Lake Powell’s Water Crisis



Bathtub rings show how low Lake Powell levels have dropped Wednesday, June 8, 2022, in Page, Ariz. (AP Photo/Brittany Peterson)

Angela Munoz-Martinez, Student Writer

Lake Powell, AZ- The Nation’s second-largest reservoir, Lake Powell, is currently in danger, due to extreme climate change. A common strong indicator of climate change is the drastic change in water levels. With the severe amount of heat and little to no rainfall that Arizona experienced this past summer, the water level has been at its lowest level since it was first filled between the 1960s-1980s. Lake Powell’s drought has been so drastic that the sediments from the White Rock have stained the side of the dam and show where the water level used to be. 

The National Government is concerned that the low levels will eventually be too low to produce hydropower. Powell produces energy for more than 5.8 million homes and corporations in Arizona, Colorado, Nebraska, Nevada, New Mexico, Utah, and Wyoming. The alternative to hydropower would be fossil fuels, but everyone is going to have to pay the price, this means that electricity bills will increase drastically. Not everyone can afford their electricity bills to increase and will not be able to pay for heating or air conditioning. The Navajo community, which lives in Arizona, New Mexico, and Utah, as well as the other citizens that live in the four other states, depending on Lake Powell to source all their electrical needs.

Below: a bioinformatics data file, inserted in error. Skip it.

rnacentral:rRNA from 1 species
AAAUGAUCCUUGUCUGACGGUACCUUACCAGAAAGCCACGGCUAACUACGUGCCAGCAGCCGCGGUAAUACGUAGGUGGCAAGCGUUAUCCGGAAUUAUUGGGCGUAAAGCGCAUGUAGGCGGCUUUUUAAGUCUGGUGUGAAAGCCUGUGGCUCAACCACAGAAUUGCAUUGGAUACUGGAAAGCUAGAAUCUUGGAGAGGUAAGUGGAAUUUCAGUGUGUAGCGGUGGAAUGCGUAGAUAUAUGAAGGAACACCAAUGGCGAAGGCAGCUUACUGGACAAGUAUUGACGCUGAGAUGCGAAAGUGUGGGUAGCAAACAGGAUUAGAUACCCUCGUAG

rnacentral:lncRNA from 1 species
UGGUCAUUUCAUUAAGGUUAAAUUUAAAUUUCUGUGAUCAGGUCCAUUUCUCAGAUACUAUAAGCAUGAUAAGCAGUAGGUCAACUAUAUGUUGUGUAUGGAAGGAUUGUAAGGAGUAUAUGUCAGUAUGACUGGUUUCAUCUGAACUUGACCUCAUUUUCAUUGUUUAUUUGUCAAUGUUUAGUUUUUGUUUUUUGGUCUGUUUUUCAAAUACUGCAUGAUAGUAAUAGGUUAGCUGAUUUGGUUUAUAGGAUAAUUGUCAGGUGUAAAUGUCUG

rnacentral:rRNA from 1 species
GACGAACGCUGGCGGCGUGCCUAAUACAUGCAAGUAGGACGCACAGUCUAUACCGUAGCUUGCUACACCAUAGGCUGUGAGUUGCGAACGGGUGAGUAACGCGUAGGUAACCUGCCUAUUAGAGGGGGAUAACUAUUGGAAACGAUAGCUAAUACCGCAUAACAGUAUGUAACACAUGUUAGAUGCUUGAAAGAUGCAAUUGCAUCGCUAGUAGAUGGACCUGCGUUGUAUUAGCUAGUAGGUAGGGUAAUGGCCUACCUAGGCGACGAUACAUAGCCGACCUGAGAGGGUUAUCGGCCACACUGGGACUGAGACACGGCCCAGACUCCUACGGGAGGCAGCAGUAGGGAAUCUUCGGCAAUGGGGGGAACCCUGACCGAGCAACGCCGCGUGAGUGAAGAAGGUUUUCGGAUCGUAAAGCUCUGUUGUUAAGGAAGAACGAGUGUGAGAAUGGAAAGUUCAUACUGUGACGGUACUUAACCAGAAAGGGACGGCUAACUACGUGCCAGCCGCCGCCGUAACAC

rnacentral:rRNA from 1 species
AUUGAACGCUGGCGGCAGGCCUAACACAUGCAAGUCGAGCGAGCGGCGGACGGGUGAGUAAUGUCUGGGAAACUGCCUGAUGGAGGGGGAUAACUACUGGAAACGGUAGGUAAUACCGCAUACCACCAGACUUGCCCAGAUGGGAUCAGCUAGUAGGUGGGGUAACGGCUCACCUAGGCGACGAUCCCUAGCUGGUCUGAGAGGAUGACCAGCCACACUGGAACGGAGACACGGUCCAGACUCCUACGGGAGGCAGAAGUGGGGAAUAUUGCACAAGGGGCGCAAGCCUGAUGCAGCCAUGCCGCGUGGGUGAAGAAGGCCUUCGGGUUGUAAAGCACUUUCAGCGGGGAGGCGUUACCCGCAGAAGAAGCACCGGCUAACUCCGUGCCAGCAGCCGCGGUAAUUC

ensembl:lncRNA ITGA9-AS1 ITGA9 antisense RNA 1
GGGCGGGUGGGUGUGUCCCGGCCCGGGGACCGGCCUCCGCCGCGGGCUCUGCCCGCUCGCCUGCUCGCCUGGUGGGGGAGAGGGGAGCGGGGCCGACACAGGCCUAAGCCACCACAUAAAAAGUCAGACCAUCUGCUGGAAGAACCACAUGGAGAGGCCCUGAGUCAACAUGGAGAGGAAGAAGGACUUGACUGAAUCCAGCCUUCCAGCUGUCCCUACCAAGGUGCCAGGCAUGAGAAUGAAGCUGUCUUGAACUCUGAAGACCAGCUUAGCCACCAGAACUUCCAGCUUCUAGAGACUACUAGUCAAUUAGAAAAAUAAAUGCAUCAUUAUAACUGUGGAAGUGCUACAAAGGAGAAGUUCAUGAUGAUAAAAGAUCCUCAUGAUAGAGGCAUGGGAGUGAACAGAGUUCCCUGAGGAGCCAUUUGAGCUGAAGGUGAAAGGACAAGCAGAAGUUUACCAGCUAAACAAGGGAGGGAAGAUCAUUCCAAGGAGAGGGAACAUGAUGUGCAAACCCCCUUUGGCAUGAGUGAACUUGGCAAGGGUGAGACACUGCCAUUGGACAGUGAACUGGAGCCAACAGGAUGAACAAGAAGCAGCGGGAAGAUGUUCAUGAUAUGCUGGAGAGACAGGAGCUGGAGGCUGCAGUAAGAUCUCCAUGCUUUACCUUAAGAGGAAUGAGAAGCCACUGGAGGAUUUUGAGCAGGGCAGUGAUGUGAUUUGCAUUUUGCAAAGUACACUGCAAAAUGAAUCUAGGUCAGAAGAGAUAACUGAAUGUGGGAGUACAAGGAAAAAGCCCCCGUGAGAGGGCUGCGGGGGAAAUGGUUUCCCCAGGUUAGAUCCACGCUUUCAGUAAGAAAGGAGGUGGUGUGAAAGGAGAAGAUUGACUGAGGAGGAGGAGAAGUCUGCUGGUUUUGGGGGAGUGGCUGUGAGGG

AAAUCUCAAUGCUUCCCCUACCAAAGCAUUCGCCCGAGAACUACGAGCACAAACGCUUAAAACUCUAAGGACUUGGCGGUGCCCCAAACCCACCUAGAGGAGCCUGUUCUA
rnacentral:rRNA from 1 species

According to Lake Powell’s Water Database, as of September 5th, 2022, the water level is currently sitting at an elevation of 3531.05 feet above sea level. In the hopes that the water level does not drop an additional 32 feet in the near future, it could even cause hydroelectricity to stop at the Glen Canyon Dam, the second highest concrete arch dam in the United States

Officials urge citizens to do their part as a community and conserve water responsibly. They are also hopeful that the snow from the upcoming winter will assist the water levels a significant amount, once the water melts into the Colorado Rockies.